‘Breathe, pause, and take a sip’: How I handle exam stress
I get majorly stressed before exams, a little panicky during them, and then feel completely fine afterwards. And one of the most important bits of advice I got was to accept that I will feel this way and to learn what I can do to control the panic as best as I can, even if I can’t get rid of it completely.
Do you feel some of this too?
Here’s how I’ve learned to cope with exam stress over the years. I hope you find something that helps you.
1. Stick to a routine
A healthy daily routine of exercise, hydration, good food and sleep, as well as making a revision timetable, stops me from switching off into ‘official holiday mode’. Knowing in advance what I’m doing every day makes my holidays more efficient and, in turn, me less stressed.
It can be a difficult thing to actually do, and I certainly find it hard to keep a routine during the holidays, but following a routine for a few days definitely lowers my stress levels.
2. Take regular breaks from revision
My university has drilled into us that this is not a holiday, this is a revision period. And to some extent, this is true. But in order to revise to the best of my ability, I need to take breaks and truly relax after a hard-working school term (after all, I’m only human).
So I don’t overload my revision timetable with unrealistic goals because I’ll only feel stressed and disappointed if I haven’t completed everything by the end of the day. In my regular breaks, I do what makes me feel relaxed - sometimes it’s reading a book (one that has nothing to do with what I’m revising), watching TV, or just simply listening to the Mamma Mia soundtrack.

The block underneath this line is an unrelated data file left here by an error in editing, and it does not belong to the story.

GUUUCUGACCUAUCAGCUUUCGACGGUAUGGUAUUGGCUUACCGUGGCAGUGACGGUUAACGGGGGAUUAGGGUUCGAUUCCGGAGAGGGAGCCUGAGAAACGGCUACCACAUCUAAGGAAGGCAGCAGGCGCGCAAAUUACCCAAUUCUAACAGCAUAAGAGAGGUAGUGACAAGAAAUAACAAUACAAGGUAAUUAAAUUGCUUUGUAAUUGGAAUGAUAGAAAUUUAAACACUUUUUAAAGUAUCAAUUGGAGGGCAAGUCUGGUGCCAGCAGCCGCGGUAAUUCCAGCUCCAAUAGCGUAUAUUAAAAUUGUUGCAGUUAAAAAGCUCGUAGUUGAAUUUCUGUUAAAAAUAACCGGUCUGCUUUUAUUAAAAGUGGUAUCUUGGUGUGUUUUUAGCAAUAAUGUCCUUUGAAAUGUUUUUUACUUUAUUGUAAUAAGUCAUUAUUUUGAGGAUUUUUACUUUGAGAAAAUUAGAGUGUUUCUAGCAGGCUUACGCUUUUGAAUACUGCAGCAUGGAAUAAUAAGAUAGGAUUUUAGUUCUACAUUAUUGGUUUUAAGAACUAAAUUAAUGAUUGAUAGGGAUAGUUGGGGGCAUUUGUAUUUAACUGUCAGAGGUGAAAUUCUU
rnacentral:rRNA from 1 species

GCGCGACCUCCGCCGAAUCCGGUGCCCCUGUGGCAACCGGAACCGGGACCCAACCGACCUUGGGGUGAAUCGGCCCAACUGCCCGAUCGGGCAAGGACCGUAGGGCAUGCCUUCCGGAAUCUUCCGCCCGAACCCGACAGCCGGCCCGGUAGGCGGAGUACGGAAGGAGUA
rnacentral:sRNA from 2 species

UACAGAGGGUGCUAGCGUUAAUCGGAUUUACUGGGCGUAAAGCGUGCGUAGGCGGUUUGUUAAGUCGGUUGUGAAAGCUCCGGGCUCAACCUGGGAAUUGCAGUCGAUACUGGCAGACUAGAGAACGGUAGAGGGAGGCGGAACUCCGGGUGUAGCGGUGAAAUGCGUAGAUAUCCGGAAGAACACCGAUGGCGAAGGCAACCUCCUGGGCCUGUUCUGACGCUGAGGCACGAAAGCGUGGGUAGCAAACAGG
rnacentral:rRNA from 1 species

1. Arrive at university early
This gives me time to relax and prepare myself mentally. I have time to go to the toilet and maybe find a quiet spot close to the exam room. Sometimes I plug my headphones in to block out all of the other noise around me. I go over topics last minute with my friends, checking that I know all of the material. But deep down I know my lecturers are right: if I do not know the material 10 minutes before the exam, I probably will not know it during the exam.
All I can do in the short time period before the exam is to try my best to relax and focus on what I definitely do know, and to stop thinking about what I don’t know (it is impossible to know everything that is on a subject syllabus).
2. A water bottle is a must
When I get more stressed and panicked than usual, my throat gets drier. Taking a sip of water can be a great way to pause and rethink during the exam, especially for a difficult question. Of course, I don’t want to drink too much in the exam room, so I don’t fill my water bottle up all of the way.
3. Only look at the clock and the paper
It can be very tempting to have a peek at everyone else to see how far they are in their papers and to know if I’m behind or not. But I remind myself that it doesn’t matter if the person next to me has written two pages in 10 minutes while I’ve only written half a page.
Every student has different writing speeds and, therefore, will write different amounts. The main thing I try to do is to be specific in answering the question that is being asked, rather than writing heaps of general background information.
And if I do start to worry? Then I tell myself these words:
‘Okay, it is okay, I don’t understand this question but I am going to breathe and pause as I have time. This is okay, I am going to read this question slowly and not rush it. I still do not understand what is being asked but I am not going to panic; I am simply going to drink some water and breathe.’
1. Enjoy and relax
I try my best to not think about what I could have put for that one question on the third page of the paper that could have gained me extra points. I may not be able to completely rid my mind of the ‘what if’ questions, but I can at least distract myself by doing fun and relaxing activities on my well-deserved break.
On exam results day, you may not receive the results that you have been dreaming of since starting your GCSEs and A-Levels, and this can be quite disheartening when you feel as if you have worked your hardest. You are allowed to feel sad and let your feelings out. The main thing to remember is that you worked your hardest - and that’s what really matters.